Zen

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Related to Ch'an: Ch'an Buddhism

Zen

A form of meditation that emphasizes direct experience.
Mentioned in: Pilates
References in periodicals archive ?
Another central practice in ancient China was Ch'an Buddhist meditation, in which mind is emptied of mental contents, giving perception a mirror-like clarity in which surroundings become the mind's content: perhaps the most fundamental way of integrating consciousness and Cosmos.
Morishita, "Metabolism and disposition of Kyushin, a drug containing senso (Ch'an Su)," The American Journal of Chinese Medicine, vol.
This is also the teaching of Ch'an Master Sheng Yen, and everything about DDM reflects this expanded, enlightened point of view.
Let's see briefly the Korean Son history which can provide an overarching narrative context: The first Son master who introduced Ch'an Buddhism to the old Korea is recorded as Pomnang (2) ([TEXT NOT REPRODUCIBLE IN ASCII] 632-?), who was ordained by the 4th Patriarch Daoxin ([TEXT NOT REPRODUCIBLE IN ASCII]) in China.
Later developments in Chinese religion and philosophy include Inner Alchemy, Ch'an Buddhism, and Neo-Confucianism (Underhill 2012 and Kohn 1991).
Zen (Ch'an in Chinese), influenced not only by Mahayana Buddhism from India but also Chinese Taoism, attempted to return the performative dimension of practice that Siddhartha Gautama, the historical Buddha, engaged in: the practice of sitting upright, in silence, and paying attention.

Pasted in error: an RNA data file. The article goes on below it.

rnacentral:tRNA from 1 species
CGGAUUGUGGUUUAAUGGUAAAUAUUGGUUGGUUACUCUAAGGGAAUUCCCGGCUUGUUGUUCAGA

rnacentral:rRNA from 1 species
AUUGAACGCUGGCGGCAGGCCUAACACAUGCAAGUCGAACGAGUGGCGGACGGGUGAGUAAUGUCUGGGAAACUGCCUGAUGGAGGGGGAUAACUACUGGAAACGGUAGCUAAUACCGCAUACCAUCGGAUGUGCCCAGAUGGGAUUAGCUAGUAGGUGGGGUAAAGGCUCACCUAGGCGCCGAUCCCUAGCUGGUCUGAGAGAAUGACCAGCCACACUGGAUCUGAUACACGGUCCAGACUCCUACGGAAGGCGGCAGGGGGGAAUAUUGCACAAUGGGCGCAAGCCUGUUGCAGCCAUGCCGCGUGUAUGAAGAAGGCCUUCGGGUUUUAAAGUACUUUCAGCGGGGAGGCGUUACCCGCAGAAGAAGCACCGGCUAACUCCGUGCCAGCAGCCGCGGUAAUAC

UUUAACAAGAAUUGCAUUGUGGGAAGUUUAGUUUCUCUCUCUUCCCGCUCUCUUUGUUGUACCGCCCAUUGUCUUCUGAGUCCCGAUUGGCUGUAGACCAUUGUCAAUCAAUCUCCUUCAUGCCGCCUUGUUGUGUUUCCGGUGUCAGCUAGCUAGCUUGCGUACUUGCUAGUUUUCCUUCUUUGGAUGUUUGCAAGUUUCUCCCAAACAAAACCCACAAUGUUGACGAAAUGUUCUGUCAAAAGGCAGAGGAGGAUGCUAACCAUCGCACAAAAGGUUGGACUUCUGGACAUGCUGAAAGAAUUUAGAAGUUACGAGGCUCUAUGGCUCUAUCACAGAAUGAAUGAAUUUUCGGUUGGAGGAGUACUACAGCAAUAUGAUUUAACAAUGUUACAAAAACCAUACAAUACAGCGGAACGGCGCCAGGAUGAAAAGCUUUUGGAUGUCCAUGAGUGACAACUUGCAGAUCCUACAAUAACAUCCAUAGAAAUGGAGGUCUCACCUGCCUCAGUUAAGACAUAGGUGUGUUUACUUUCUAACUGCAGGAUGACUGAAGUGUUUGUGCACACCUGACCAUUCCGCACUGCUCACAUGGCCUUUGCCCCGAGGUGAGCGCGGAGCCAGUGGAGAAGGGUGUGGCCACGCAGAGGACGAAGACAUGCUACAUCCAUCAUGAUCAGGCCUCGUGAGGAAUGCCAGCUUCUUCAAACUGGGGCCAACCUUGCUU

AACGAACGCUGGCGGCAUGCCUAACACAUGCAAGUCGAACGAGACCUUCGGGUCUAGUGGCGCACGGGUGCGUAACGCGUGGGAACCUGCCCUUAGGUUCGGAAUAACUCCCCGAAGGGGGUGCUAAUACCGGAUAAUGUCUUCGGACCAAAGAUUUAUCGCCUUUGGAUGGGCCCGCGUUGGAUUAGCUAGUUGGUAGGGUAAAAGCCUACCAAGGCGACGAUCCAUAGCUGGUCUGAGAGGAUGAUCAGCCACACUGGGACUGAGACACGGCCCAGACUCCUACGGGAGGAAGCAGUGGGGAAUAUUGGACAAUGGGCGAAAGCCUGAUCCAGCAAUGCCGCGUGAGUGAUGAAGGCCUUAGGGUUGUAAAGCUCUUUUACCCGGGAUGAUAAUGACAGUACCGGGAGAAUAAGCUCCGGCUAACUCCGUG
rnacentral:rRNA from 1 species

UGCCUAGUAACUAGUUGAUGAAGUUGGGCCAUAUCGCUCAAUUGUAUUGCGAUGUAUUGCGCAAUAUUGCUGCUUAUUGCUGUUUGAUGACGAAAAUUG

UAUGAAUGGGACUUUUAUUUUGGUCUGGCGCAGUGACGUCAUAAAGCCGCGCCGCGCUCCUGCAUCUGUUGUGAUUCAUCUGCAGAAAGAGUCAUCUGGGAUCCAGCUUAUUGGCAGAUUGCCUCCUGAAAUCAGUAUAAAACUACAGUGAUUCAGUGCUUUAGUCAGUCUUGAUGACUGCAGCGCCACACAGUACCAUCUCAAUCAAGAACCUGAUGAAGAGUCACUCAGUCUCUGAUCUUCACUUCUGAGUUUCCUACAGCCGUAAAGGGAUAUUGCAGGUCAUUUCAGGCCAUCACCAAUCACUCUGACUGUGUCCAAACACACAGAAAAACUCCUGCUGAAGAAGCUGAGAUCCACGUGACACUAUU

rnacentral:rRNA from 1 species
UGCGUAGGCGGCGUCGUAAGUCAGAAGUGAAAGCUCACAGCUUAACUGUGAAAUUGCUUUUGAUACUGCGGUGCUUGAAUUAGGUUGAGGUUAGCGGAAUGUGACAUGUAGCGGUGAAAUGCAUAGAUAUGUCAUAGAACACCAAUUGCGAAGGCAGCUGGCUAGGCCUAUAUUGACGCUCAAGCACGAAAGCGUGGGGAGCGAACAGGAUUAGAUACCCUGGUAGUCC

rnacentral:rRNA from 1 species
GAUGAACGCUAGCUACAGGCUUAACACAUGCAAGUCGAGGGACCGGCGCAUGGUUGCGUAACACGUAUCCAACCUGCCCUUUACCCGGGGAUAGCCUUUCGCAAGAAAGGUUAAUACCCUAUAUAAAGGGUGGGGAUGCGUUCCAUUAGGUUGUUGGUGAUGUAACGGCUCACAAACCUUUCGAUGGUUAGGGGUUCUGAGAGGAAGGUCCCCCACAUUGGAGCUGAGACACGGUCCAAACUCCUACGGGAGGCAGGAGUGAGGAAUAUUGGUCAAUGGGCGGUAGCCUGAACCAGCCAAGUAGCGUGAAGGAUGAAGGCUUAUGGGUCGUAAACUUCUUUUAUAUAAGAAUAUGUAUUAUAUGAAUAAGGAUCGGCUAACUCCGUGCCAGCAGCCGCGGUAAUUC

Negli ultimi riferimenti del Canzoniere al volo e alle ali, la morte di Laura rende nuovamente possibile il volo dopo quello avvenuto sulle acque dei fiumi, forse solamente perche c'e ancora una volta un ricordo di umanita del tutto concreto (come per i fiumi geograficamente identificabili in questo mondo): "Volo con l'ali de" pensieri al Cielo/si spesse volte che quasi un di loro/ esser mi par ch'an ivi il suo thesoro,/ lasciando in terra lo squarciato velo" (CCCLXII).
From instant enlightenment to conscious departure, the Sixth (and last) Patriarch of Ch'an (Zen) Buddhism, Hui Neng, is the subject of Master of Zen.
Wu presented to the Regent a membership of the Kuomintang National Congress and a seal with the inscription "Golden seal of Ch'an Master Reting Hotugtu".
In classical Chinese literature and especially in Ch'an Buddhism 'dialogue encounter' is used to refer to the questions and responses that take place between Ch'an masters and their students.
"Ch'an Buddhism and the Prophetic Poems of William Blake." Journal of Chinese Philosophy 24, no.
"The Foundling" is a novel of three individuals looking for their own place in Ch'an, also known as Zen in Japanese.